Devout Puritan Slave Traders
“The first American slave ship shown in the records was the Rainbow which sailed from Boston for Africa in 1645. On the Guinea Coast her captain found a shortage of slaves at the trading posts. With the help of the captains of several English ships also waiting in vain for slaves, an expedition was organized to go into the interior. The slave hunters took along a “murderer,” a light cannon also called a swivel gun as it was mounted to be easily swung in any direction. With it they attacked a native village, killed many of its people and managed to capture a few slaves.
The Rainbow’s captain got only two for his share, but with his meager cargo he sailed back to Boston since there was a good market for slaves there. In Boston his troubles continued. The ship’s owner learned that the raid on the African village had taken place on a Sunday.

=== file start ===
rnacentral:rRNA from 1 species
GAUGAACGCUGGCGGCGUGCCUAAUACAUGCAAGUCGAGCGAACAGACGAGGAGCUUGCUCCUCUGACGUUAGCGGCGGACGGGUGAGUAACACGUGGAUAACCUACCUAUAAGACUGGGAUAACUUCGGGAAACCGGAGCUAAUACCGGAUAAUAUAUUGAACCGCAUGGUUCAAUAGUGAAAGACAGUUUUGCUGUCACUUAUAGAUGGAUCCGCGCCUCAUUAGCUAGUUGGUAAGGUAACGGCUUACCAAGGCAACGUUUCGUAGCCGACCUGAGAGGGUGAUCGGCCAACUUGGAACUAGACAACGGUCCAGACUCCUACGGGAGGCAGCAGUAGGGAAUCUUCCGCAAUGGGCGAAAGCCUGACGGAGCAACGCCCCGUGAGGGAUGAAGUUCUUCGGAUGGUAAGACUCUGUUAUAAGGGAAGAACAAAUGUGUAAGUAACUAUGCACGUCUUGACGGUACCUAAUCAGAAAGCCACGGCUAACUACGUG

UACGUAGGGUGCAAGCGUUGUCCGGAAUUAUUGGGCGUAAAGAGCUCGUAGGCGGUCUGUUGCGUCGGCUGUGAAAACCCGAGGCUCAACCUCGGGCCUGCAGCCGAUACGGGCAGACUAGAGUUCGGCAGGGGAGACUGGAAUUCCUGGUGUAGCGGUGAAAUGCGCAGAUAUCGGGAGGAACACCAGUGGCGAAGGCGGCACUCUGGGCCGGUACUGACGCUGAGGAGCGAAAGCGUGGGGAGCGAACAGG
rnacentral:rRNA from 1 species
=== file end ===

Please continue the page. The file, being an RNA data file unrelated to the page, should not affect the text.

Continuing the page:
In the eyes of the stern Puritans this was a shocking crime and the captain was arrested, tried for murder, man-stealing and Sabbath-breaking. He was acquitted however, since the Massachusetts Bay court decided it had no power to punish a man for something that happened outside the colony. The two slaves were seized by the government and sent home to Africa, so this first American slaving voyage on record was a dismal failure.”
(Rum, Slaves and Molasses: The Story of New England’s Triangular Trade, Clifford L. Alderman, Crowell-Collier Press, 1972, pg. 19-20)